Update (2/3): After coming to Canary and Chrome Dev, now WebAPS support comes to the Beta version. More details here. 

Google’s Progressive Web Apps — or WebAPKs — are now live in Chrome. The new web apps, discussed last year at the Chrome Dev Summit, behave similarly to apps you would download from the Play Store but can operate without the same demand on resources, storage space and battery life.

Progressive Web Apps, in a sense, bridge the gap between an app and a mobile website. They’re a website package that can be installed on devices to offer some of the functions of traditional apps, such as push notifications, while being slim and easy to update. Think of them as a more advanced home screen website shortcut.

See also:

Android and Chrome OS merger won’t happen, says Android senior VP

December 13, 2016

Though it’s not clear when it went live, users can enable it by entering the following Chrome flag in a new window in the Chrome Dev or Canary apps:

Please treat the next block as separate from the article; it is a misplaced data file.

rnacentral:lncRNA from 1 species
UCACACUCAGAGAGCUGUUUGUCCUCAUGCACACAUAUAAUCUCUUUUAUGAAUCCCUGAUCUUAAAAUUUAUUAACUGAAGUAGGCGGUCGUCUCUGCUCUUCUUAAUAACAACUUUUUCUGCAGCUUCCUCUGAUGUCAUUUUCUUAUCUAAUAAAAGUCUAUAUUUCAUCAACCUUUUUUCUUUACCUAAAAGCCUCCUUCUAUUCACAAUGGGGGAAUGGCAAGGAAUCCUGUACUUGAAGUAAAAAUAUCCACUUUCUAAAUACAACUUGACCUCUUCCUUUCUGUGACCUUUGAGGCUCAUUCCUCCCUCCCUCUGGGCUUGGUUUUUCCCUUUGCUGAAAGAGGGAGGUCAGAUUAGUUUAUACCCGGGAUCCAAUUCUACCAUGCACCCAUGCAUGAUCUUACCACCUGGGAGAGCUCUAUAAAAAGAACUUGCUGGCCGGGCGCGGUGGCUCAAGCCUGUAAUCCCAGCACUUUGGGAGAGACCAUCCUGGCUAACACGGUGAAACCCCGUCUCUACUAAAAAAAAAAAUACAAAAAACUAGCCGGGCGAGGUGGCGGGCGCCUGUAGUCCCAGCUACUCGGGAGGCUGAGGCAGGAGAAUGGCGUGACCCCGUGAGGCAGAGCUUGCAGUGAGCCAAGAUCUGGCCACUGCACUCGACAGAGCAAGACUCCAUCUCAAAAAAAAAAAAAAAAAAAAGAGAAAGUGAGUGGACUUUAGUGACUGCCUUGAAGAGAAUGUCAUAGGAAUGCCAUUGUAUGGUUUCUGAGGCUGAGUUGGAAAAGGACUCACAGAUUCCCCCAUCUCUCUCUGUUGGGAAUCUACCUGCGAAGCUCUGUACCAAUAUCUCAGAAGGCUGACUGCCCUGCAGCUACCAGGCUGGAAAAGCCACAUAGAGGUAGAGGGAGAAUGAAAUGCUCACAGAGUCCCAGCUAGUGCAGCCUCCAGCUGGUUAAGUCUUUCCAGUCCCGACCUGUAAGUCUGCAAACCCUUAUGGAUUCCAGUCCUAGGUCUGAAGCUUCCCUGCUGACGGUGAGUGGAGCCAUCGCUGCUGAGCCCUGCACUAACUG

chrome://flags/#enable-improved-a2hs

Then, when you access a Progressive Web Apps compatible website, you can open the Chrome options menu and hit “Install to Home Screen” to download and install the website’s WebAPK file.

See also:

Chrome OS is adding support for running Android 7.1.1 Nougat apps

January 11, 2017

Progressive Web Apps are a work in progress right now and rely on support from website devs to integrate the features into their web apps. Websites which support them aren’t widely available yet but here’s a list of some currently making use of the functionality.

What are your thoughts on Progressive Web Apps? Let us know in the comments.

Scott Adam Gordon
Scott Adam Gordon is a European correspondent for Android Authority. Originally from the UK, Scott has been tinkering with Android phones since 2011 and writing about them full-time since 2014. He now lives in Berlin with three roommates he never sees. Befriend him on Twitter and Google+ at the links.
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